Even though this dish requires marinating overnight, the rest of the preparation is easy. It makes a spicy, fast meal, and you can fry it up and serve it at breakfast with eggs. Or, scramble some eggs, mix in the cooked chorizo, add shredded pepper jack cheese, and wrap in a tortilla for the best breakfast burrito you have ever tasted. Note: This recipe requires advance preparation.
These delicious sausages have a counterpart all over Latin America. The ingredients can vary widely; some recipes call for saltpeter, some use all pork, some include spices such as cloves and cinnamon, and still others prefer vinegar or wine. I have included this rather traditional recipe from Argentina utilizing the famed ají p-p, the "bad word" chile; for a substitute, use pure hot red chile powder, such as New Mexico Chimayó. In Argentina, these sausages are almost always included at an asado--a barbecue. Note: This recipe requires advance preparation.
There are many parallels between fish soup and bouilabaisse, which is popular in southern France. Tunisia has one of the richest fishing areas in North Africia. Any kind of fish and shellfish can be used but avoid oily fish such as mackerel or sardines.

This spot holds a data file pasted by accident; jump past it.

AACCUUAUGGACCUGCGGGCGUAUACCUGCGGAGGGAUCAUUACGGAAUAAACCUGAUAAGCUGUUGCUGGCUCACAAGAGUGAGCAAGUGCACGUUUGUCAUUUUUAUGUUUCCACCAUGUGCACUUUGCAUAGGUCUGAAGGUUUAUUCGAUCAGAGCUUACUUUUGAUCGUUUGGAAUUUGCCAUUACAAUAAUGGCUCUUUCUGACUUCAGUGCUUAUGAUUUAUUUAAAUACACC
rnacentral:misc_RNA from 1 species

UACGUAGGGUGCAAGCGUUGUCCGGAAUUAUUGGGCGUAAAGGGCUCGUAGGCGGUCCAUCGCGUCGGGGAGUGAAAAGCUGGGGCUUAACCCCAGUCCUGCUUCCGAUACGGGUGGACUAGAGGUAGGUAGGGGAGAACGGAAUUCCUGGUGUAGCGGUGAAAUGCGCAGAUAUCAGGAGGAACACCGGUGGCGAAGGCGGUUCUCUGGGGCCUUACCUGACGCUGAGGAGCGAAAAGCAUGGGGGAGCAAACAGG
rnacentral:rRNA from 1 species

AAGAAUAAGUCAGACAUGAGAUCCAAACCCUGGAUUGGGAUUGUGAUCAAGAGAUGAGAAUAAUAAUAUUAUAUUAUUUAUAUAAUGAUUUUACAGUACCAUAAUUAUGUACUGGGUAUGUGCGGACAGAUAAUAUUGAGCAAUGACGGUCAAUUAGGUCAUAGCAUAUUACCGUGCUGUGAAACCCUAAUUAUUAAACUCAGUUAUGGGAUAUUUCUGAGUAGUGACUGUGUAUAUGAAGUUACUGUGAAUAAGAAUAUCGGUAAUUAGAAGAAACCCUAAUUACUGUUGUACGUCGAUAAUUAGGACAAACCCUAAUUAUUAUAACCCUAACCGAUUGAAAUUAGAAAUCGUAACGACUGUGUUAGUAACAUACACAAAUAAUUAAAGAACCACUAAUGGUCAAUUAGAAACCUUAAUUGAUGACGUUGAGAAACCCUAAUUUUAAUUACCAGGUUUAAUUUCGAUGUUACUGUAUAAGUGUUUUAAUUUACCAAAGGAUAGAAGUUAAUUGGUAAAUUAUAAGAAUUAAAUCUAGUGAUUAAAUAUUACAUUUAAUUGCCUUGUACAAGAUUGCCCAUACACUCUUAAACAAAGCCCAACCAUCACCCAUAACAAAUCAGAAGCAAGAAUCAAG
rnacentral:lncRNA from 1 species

This chili is often served over spaghetti and is then called chili-mac or TwoWay chili. According to Floyd Cogan, "The proper way to make chili-mac is to place cooked spaghetti (al dente) on a plate and cover it with chili, with grated Parmesan cheese on top."
If you want to have a blast on May 5th, literally and figuratively, serve this unique salad. It has texture, color, and flavor. The dressing is deceptive--it starts out mild, and then goes wild on the tongue. Serve lots of margaritas with this salad!
Don't ask me why, but it is essential to observe the sauteing and boiling times here. This is one of the favorite dishes in Cajun Country. We have spiced this recipe up a bit from its usual incarnation.
This is a recipe I’ve used for years and years and it always works and is always wonderful. Traditionally these are prepared with cheese fillings, but a cooked meat mixture, or a combination of meat, dried fruits and nuts also works well. When I’m processing a large bag of chile, I always set aside the largest, whole chiles for this dish.
This all-purpose sauce recipe is from the southern part of New Mexico, where green chile is the one of the state's top food crops and is used more commonly than the red form. It is a great topping for enchiladas and is often served over scrambled eggs. Variations: To thicken the sauce, make a roux by sauteing 1 tablespoon flour in 1 tablespoon vegetable oil, taking care not to let it burn. Slowly stir the roux into the sauce and cook to the desired thickness. Coriander and Mexican oregano may be added to taste. For added heat, add more New Mexican chiles or a serrano or two.